What's the big deal? Well, the preferred material for clear containers with handles today is glycol-modified polyethylene terephthalate (PET-G), an amorphous polyester sufficiently different from PET that it can present a challenge to the regrind and clear PET recycling process. Standard PET is fine for blowmolding of transparent containers via single-or two-stage stretch blowmolding, but does not have the melt strength required for extrusion blowmolding. If handleware need not be transparent, then it usually is extrusion blowmolded from high-density polyethylene.
Invista says its new material provides the required melt strength for extrusion blowmolding, and that containers processed from the material can be tossed into standard transparent PET recycling streams.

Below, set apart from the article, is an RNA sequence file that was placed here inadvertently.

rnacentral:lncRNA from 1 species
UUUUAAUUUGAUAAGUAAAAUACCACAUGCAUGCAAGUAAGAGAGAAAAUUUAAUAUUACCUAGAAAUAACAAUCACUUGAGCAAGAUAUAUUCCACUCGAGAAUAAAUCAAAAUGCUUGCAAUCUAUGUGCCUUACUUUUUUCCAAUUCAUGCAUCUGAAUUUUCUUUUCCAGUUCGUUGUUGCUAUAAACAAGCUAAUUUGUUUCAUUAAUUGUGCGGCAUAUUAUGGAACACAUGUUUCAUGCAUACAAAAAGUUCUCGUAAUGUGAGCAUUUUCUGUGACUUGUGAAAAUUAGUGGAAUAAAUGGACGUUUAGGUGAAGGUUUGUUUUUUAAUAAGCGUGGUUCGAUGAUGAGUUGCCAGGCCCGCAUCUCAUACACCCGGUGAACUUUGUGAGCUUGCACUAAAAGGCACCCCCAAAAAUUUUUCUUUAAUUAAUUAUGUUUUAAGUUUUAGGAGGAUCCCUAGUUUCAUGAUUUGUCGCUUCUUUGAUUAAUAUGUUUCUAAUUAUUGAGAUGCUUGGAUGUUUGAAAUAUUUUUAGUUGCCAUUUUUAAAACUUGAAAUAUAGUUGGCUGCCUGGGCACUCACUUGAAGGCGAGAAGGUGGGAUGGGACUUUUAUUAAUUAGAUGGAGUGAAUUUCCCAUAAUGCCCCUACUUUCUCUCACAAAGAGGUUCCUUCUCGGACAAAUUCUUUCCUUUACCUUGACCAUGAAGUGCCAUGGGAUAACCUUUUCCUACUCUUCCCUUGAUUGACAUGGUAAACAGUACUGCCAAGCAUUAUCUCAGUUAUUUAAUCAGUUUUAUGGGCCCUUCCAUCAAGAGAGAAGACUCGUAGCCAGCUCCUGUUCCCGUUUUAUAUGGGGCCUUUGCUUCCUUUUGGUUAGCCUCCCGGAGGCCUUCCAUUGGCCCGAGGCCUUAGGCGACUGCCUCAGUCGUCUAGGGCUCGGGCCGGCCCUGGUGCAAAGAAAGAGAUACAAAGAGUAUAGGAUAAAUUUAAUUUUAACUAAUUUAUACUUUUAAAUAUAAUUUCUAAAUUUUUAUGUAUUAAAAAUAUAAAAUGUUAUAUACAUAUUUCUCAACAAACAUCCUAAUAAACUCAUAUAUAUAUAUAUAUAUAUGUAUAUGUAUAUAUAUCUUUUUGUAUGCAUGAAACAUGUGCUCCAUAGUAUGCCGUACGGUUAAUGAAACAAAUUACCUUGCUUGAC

The new, modified PET can be processed at temperatures and conditions similar to standard PET and simultaneously provides the required melt strength. It has a higher melt temperature that standard PET, so processors may need to make some modifications to existing extrusion blowmolding equipment. The ability to recycle the new grade in the clear PET stream has been demonstrated according to the APR Critical Guidance protocol.
Crystal-clear containers with handles, which can be recycled in the clear PET stream, could be attractive to brand owners who have stood with HDPE for these applications, sacrificing clarity for a material that is easily recycled.
Wardat will spell out the details and benefits of this new development at the conference, to be held February 9-10, 2010 at the Waldorf Astoria Orlando Hotel in Orlando, Florida. More information on the event can be found here. —[email protected]